MLB’s wildcard round is almost as fun as the NCAA tournament
Major League Baseball’s wildcard round came and went so fast last week, that you could barely keep up with it.
But I tried, boy did I try. I couldn’t watch all of the games, but there were four of them on Tuesday and another four on Wednesday. There were games on during the day. There were games on at night. There were games on ESPN. There were even games on ABC.
In the American League, the Tampa Rays hosted the Texas Rangers in a best-of-three series at Tropicana Field, while the Minnesota Twins, champions of the American League Central Division, welcomed the Toronto Blue Jays to Target Field for some best-of-three action. Meanwhile, over in the National League, the Philadelphia Phillies took on the Miami Marlins at Citizens Bank Park, and the Milwaukee Brewers, champions of the National League Central Division, hosted the Arizona Diamondbacks at American Family Field.
Eight games. Two days. Lots of fun.
Unfortunately, no series went the distance, but it was still exciting to watch it all unfold over a 48-hour period. It felt like fastbreak baseball. In many ways, it reminded me of the first round of the NCAA tournament, when college basketball can be seen from noon until after midnight on both Thursday and Friday. People take vacation days for that. Kids pretend to be sick so they can stay home from school. Adults do the same so they can get out of work. It’s one of the best weeks on the sports calendar.
I gotta tell ya’, it’s been a long time since I’ve been this intrigued by baseball. I was equally fascinated last year, the first season of the best-of-three wildcard round. I believe adding a third wildcard team to each league, along with making the round a best-of-three series, was one of the most effective things MLB has done in years when it comes to fan engagement.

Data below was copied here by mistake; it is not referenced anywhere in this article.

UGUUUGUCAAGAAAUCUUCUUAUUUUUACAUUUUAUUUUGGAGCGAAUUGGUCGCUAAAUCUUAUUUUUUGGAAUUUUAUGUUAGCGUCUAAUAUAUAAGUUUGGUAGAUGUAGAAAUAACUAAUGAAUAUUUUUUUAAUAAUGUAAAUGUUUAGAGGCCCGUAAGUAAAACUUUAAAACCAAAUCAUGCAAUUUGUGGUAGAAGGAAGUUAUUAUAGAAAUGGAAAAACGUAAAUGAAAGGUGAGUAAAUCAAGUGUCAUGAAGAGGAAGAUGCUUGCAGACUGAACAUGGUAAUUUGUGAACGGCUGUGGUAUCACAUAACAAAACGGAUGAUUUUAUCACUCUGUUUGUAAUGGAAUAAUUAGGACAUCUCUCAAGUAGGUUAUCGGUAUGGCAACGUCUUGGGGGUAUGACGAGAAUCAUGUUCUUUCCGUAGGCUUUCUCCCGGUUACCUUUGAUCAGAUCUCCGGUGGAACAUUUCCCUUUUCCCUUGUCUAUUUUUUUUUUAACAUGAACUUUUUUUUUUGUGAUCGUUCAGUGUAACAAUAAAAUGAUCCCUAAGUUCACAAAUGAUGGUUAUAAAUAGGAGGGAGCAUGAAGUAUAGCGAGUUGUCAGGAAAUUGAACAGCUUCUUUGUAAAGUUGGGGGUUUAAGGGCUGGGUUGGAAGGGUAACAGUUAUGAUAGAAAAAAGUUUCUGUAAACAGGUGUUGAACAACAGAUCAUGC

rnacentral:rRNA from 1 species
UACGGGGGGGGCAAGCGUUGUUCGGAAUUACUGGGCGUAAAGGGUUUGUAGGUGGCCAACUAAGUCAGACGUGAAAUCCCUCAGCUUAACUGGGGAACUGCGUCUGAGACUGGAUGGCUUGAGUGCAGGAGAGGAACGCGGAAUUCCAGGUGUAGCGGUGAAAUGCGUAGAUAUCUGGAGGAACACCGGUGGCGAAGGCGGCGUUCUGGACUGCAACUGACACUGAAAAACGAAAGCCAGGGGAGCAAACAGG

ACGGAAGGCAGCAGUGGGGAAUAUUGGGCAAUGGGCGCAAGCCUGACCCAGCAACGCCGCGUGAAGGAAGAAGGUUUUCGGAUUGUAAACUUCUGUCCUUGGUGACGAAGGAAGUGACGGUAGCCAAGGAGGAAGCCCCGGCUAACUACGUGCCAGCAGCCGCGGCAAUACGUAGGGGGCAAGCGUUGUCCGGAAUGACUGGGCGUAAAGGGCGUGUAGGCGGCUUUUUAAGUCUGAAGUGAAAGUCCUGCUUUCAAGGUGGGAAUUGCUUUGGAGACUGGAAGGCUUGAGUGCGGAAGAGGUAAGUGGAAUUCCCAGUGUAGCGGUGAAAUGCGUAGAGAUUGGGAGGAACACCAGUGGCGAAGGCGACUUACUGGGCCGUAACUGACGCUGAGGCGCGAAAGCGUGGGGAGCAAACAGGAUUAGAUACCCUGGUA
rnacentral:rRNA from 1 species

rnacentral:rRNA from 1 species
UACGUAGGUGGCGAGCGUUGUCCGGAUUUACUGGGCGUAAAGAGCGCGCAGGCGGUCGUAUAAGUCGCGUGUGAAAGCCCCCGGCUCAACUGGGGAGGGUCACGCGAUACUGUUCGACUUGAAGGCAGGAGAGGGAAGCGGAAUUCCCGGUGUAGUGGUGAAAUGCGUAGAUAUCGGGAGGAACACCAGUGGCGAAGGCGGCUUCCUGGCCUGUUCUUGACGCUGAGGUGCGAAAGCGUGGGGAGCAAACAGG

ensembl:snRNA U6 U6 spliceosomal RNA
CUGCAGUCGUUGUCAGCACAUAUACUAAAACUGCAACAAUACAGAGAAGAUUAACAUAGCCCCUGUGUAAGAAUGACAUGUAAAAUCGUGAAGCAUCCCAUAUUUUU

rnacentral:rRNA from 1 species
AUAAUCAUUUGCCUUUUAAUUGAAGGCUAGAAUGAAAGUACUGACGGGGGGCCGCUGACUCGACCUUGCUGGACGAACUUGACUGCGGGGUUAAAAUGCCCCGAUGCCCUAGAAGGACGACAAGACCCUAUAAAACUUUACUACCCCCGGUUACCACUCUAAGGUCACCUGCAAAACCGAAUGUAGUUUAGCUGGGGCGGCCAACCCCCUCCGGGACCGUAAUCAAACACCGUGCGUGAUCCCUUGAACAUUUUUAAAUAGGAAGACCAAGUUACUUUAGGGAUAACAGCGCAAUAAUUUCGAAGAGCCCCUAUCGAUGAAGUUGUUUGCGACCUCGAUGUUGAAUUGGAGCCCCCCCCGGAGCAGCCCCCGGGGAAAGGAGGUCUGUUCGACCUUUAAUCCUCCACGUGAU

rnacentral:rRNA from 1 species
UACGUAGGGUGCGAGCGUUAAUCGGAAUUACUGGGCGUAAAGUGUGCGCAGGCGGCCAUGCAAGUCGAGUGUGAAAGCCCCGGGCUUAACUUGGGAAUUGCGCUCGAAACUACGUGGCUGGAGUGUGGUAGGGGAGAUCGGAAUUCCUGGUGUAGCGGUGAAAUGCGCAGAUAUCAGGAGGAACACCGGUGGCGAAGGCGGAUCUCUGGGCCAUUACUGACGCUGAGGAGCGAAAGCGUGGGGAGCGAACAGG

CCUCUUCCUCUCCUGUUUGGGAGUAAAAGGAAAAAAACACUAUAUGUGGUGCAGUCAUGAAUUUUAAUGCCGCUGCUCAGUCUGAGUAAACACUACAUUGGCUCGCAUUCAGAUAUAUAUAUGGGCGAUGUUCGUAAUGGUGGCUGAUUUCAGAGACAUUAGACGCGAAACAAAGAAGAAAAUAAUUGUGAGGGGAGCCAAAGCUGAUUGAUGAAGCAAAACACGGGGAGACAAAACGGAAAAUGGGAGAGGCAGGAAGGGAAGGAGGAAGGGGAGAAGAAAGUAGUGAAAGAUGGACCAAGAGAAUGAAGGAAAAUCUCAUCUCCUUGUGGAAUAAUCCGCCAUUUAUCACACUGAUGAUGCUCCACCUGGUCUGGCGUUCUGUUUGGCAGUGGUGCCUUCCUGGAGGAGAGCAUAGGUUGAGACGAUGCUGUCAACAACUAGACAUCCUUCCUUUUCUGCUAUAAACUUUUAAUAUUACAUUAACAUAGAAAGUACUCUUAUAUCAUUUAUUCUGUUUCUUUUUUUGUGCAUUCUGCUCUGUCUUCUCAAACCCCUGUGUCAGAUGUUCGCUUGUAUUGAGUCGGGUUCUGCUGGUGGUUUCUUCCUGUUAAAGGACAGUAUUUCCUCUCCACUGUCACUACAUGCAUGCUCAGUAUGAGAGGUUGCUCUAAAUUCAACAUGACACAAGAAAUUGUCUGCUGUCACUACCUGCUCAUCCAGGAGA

Sure, the pitch clock that was added in 2023 worked to make games go by faster. The new shift rule, along with making the bases slightly bigger, made for some more exciting in-game action that didn’t involve home runs and strikeouts. But the new wildcard format will ultimately go a long way toward making MLB’s postseason must-see-tv; that’s something it really hasn’t been for quite a while, as evidenced by the decline in ratings and attendance in recent years.
Fans want to think that they’re a part of it, and it’s so much harder for those who support teams in smaller markets to feel that way on a regular basis. But if you look at the wildcard round, Minnesota, Milwaukee and Tampa were involved. Two of them were division champions, sure, but the Rays, winners of 99 regular-season games (the third-best record in baseball), got to host a series despite finishing second in the American League Eastern Division. True, the fourth-seeded Rays got swept by Texas, but at least they had more than one game to plead their case.
Two lower seeds advanced, and a division winner was knocked out of the mix–in addition to the Rangers advancing as the fifth seed in the American League, the sixth-seeded Diamondbacks swept third-seeded Milwaukee in the National League.
It remains to be seen which teams will make it to the World Series, but don’t be surprised if the Rangers take on the Diamondbacks.
It doesn’t seem like the most traditional matchup for the annual Fall Classic, but these expanded baseball playoffs are just so edgy and new age, I almost want to see it happen.
I know one thing for sure: I’m interested in the next three rounds of Major League Baseball’s postseason, and I can’t remember the last time that was a thing.